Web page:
On August 31, 2006, Collins filed a motion to emancipate Sam. On September 29, 2006, Woodland filed a motion to reinstate Collins's obligation to pay child support for Lea, which had been terminated on September 22, 2005. On October 12, 2006, the parties appeared before a hearing officer who determined that the break in Sam's education was temporary. Accordingly, the officer recommended an order placing Collins's child support obligation to Sam on hold and granting his application to emancipate Sam effective August 31, 2006, unless Woodland provided proof of Sam's enrollment in college as a full-time student by December 31, 2006. A judge of the Family Part entered an order incorporating those recommendations on October 12, 2006. The order did not address Woodland's motion to reinstate child support for Lea.

On October 26, 2006, Woodland filed a motion for reconsideration in order to obtain a ruling on her motion to reinstate support for Lea. On December 14, 2006, the parties appeared before a hearing officer, who determined that the matter was complex and should be considered, in the first instance, by a judge. The judge heard the parties later that day.

We address the judge's ruling emancipating Sam first. In addressing the support she provided to Lea, Woodland mentioned Sam's expenses. The judge apparently understood Woodland's reference to Sam as a request for an order compelling Collins to contribute to his son's support and college expense. There was, however, no application relevant to Sam's support before the judge. Under the terms of the order issued on October 12, 2006, Woodland had until December 31, 2006, to provide proof of Sam's enrollment in college as a full-time student for the term commencing in January 2007. Because the issue of Sam's emancipation was not before the court and because Collins acknowledged his obligation to contribute to Sam's support, we vacate the order emancipating Sam. Because the order of December 14, 2006, erroneously abbreviated the deadline for Woodland to provide proof of Sam's enrollment in college, we remand for further proceedings necessary to determine the parties' respective obligations under the October 12 order. The judge should set a new date by which Woodland must present the evidence of Sam's college enrollment required by the October 12 order.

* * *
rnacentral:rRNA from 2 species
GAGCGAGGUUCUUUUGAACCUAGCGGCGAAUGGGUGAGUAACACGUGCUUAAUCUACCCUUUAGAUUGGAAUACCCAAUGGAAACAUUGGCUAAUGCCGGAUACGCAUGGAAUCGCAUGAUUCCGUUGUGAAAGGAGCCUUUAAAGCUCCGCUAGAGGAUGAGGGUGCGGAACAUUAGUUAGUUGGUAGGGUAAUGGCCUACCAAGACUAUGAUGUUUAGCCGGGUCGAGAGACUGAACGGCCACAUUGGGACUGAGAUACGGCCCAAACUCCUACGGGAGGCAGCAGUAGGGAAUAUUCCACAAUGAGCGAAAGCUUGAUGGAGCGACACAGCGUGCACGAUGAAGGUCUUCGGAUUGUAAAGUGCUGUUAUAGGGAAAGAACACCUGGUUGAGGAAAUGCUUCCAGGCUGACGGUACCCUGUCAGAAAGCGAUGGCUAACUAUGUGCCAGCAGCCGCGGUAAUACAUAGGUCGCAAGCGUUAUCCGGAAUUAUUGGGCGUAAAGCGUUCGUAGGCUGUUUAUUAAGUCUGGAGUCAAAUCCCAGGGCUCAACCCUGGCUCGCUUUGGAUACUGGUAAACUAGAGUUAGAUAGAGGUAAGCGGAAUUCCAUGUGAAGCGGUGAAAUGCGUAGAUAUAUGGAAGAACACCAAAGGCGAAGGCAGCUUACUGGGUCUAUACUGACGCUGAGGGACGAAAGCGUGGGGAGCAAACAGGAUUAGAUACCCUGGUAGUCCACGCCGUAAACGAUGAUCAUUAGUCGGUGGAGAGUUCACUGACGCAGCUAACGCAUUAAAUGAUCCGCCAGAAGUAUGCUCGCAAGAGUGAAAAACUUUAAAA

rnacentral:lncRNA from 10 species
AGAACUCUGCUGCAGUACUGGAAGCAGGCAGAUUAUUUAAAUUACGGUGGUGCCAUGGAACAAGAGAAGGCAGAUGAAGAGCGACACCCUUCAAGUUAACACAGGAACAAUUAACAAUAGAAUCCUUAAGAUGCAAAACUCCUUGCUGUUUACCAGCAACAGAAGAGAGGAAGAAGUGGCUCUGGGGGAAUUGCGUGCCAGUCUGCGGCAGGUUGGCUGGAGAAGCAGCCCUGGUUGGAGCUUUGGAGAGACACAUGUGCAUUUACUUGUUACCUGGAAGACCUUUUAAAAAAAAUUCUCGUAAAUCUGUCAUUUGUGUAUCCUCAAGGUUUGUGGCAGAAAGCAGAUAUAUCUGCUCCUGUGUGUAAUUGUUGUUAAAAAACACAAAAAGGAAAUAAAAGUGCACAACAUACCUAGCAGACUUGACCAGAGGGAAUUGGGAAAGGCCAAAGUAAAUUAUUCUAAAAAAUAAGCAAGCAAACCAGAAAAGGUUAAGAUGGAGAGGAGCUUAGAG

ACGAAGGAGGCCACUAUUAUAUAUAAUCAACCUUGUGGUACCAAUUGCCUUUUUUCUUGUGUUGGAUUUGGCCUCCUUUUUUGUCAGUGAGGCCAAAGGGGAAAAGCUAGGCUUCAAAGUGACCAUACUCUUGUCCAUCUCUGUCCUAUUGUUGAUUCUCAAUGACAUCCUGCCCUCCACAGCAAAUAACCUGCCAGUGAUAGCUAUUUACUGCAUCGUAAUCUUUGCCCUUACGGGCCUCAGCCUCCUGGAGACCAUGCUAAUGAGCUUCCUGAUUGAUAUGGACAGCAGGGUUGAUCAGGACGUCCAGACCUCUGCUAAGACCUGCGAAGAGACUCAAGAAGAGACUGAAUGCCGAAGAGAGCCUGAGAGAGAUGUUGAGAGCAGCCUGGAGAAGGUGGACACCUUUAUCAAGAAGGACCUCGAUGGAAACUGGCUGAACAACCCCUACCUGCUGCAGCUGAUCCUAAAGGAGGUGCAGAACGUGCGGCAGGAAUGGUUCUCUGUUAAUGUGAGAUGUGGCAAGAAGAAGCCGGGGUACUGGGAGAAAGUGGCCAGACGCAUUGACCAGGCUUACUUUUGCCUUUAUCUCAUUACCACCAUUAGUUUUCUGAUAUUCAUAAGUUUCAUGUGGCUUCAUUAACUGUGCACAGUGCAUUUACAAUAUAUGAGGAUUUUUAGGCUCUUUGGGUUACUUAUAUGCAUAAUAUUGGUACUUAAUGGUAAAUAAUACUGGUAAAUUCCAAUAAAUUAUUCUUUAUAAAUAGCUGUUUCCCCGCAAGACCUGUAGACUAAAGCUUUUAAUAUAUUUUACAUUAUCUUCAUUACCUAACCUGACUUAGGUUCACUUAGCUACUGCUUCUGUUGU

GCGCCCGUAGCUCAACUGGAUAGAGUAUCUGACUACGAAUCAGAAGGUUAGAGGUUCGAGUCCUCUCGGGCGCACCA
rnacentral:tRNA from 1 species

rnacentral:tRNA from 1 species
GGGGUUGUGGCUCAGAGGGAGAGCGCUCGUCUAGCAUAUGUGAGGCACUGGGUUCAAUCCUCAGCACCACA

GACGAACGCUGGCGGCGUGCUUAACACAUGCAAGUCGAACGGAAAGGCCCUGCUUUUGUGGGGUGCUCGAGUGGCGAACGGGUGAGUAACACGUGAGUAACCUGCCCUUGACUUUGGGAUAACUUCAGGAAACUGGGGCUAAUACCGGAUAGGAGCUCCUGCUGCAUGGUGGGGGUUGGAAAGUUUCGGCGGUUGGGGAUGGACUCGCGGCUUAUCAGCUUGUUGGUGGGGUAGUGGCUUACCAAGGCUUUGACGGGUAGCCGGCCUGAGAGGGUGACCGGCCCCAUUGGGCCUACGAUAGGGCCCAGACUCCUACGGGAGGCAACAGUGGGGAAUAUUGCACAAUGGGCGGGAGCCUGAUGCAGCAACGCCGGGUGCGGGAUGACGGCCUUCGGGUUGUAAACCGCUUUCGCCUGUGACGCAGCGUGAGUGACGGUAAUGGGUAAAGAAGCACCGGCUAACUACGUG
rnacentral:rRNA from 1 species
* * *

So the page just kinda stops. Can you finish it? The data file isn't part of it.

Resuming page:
We also must reverse and remand the order denying Woodland's application to reinstate support for Lea. The judge did not make findings of fact or explain his reasons for concluding that he did not have "any basis upon which" to reinstate Collins's obligation to contribute to Lea's support. Because the parties gave conflicting unsworn testimony about the history of Lea's college attendance, the judge should conduct a second hearing and consider only testimony given under oath.

N.J.R.E. 603; see Penbara v. Straczynski, 347 N.J. Super. 155, 158 n.1 (App. Div. 2002) (noting the importance of administering an oath prior to taking testimony). The judge should consider both the standard for emancipation enunciated in Tretola v. Tretola, 389 N.J. Super. 15 (App. Div. 2006); Filippone v. Lee, 304 N.J. Super. 301 (App. Div. 1997) and the standard for contribution to college costs enunciated in Gac v. Gac, 186 N.J. 535 (2006); Newburgh v. Arrigo, 88 N.J. 529 (1982). The standards are not identical.

Reversed and remanded.